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When It Rains, It Pours: Procyclical Capital Flows and Macroeconomic Policies

In: NBER Macroeconomics Annual 2004, Volume 19

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  • Graciela L. Kaminsky
  • Carmen M. Reinhart
  • Carlos A. Végh

Abstract

Based on a sample of 104 countries, we document four key stylized facts regarding the interaction between capital flows, fiscal policy, and monetary policy. First, net capital inflows are procyclical (i.e., external borrowing increases in good times and falls in bad times) in most OECD and developing countries. Second, fiscal policy is procyclical (i.e., government spending increases in good times and falls in bad times) for the majority of developing countries. Third, for emerging markets, monetary policy appears to be procyclical (i.e., policy rates are lowered in good times and raised in bad times). Fourth, in developing countries – and particularly for emerging markets – periods of capital inflows are associated with expansionary macroeconomic policies and periods of capital outflows with contractionary macroeconomic policies. In such countries, therefore, when it rains, it does indeed pour.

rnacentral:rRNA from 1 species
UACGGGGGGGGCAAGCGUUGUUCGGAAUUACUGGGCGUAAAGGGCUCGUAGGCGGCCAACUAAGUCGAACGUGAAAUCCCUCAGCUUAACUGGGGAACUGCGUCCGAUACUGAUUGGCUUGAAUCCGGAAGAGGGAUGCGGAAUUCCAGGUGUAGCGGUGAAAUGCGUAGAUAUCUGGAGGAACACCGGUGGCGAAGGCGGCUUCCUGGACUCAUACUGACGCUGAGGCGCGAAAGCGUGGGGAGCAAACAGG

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Suggested Citation

  • Graciela L. Kaminsky & Carmen M. Reinhart & Carlos A. Végh, 2005. "When It Rains, It Pours: Procyclical Capital Flows and Macroeconomic Policies," NBER Chapters,in: NBER Macroeconomics Annual 2004, Volume 19, pages 11-82 National Bureau of Economic Research, Inc.
  • Handle: RePEc:nbr:nberch:6668
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    JEL classification:

    • F30 - International Economics - - International Finance - - - General
    • E30 - Macroeconomics and Monetary Economics - - Prices, Business Fluctuations, and Cycles - - - General (includes Measurement and Data)
    • F41 - International Economics - - Macroeconomic Aspects of International Trade and Finance - - - Open Economy Macroeconomics
    • E60 - Macroeconomics and Monetary Economics - - Macroeconomic Policy, Macroeconomic Aspects of Public Finance, and General Outlook - - - General

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